Diversity, Equity, and Inclusion
Our core values are aligned with the UC Berkeley College of Engineering. Quoting: “Berkeley Engineering believes that a diverse student body, faculty and staff are critical to our mission of Educating Leaders, Creating Knowledge and Serving Society. Rooted in our mission are Principles of Community by which our campus operates. These principles reflect the deep commitment of our college and campus to contributing to a safe, caring and humane environment, one in which every member of our community can thrive The college’s faculty and staff [...] support first-generation students, underrepresented minorities, women, transfer students, veterans and others — and they provide significant backing for ongoing and expanded opportunities.”
Numerous members of the lab are involved in a variety of outreach activities in support of these values. This page summarizes some of the work we have been doing.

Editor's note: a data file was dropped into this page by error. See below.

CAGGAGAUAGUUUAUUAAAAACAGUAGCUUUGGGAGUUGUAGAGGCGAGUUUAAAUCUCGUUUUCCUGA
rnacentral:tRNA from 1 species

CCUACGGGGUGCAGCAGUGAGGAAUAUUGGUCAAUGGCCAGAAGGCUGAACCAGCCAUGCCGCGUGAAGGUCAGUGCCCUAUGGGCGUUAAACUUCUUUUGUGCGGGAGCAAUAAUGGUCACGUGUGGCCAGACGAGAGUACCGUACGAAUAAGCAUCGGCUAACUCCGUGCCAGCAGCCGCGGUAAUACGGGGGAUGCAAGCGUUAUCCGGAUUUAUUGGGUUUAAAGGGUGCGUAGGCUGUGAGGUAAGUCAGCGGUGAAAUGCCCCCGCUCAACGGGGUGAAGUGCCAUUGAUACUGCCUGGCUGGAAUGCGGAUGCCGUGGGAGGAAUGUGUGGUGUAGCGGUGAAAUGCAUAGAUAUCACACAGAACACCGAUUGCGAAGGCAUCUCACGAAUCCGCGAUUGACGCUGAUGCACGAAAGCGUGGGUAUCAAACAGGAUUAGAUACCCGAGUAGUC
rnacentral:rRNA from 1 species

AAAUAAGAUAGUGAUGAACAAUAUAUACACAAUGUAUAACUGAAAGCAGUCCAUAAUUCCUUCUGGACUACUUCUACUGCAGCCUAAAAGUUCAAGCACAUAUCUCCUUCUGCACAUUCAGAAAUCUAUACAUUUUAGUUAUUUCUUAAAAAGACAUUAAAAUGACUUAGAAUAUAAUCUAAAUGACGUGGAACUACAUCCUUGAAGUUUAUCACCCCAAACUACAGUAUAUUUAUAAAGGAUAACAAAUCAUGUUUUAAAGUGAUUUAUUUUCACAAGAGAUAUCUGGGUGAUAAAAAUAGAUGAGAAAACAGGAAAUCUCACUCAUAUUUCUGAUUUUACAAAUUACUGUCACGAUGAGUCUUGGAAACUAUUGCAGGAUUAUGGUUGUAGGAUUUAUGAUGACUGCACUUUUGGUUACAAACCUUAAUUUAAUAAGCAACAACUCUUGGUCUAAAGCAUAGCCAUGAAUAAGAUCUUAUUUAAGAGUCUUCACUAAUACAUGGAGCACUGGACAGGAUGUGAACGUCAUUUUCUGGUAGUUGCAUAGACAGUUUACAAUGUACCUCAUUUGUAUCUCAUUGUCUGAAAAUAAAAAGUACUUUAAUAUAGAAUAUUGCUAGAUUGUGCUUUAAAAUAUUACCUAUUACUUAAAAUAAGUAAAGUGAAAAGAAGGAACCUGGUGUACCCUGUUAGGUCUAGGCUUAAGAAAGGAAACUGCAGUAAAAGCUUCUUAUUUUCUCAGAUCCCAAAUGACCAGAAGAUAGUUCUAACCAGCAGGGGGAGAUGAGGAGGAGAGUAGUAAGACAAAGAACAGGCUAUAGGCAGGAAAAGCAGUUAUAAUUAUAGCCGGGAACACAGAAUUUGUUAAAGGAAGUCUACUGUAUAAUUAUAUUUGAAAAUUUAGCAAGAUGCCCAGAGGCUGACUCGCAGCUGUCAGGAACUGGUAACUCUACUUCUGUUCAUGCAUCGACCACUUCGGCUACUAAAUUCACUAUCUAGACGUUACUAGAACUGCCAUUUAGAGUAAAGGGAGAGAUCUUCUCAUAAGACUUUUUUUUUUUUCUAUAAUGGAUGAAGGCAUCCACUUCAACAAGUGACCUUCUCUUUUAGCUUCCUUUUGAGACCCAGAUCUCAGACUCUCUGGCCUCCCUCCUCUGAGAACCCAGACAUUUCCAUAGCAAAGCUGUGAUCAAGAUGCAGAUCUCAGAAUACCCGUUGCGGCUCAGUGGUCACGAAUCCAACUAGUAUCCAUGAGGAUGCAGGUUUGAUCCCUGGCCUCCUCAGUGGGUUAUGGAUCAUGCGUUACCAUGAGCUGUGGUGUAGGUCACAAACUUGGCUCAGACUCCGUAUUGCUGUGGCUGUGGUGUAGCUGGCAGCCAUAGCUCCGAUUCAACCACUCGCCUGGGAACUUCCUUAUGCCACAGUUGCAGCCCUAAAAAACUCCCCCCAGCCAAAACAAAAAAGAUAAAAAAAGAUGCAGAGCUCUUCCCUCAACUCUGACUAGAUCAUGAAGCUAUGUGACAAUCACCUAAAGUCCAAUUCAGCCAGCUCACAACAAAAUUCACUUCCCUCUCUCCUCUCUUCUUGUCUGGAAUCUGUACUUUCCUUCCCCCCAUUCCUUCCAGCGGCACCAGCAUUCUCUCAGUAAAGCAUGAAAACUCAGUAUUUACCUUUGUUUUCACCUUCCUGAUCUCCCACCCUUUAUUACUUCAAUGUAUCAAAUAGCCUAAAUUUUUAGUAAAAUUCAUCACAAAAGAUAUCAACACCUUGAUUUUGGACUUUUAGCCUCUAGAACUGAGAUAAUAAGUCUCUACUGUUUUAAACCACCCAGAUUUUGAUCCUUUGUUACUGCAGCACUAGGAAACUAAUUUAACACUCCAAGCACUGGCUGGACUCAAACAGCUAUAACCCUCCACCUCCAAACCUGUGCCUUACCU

FIRST LEGO League (FLL) with Piedmont Makers (2017-2019)
One of the major activities we conduct is coaching FIRST LEGO League (FLL) teams. FLL is an international competition organized by FIRST for elementary and middle school students (ages 9-14 in US and Canada, ages 9-16 elsewhere). Each August, FIRST LEGO League introduces a scientific and real-world challenge for teams to focus and research on. The robotics part of the competition involves designing and programming LEGO Mindstorms robots to complete tasks. The students work out solutions to the various problems they are given and meet for regional tournaments to share their knowledge, compare ideas, and display their robots. FIRST LEGO League is a partnership between FIRST and the LEGO group. It also has a scaled down robotics program for children ages six to nine called FIRST LEGO League Junior.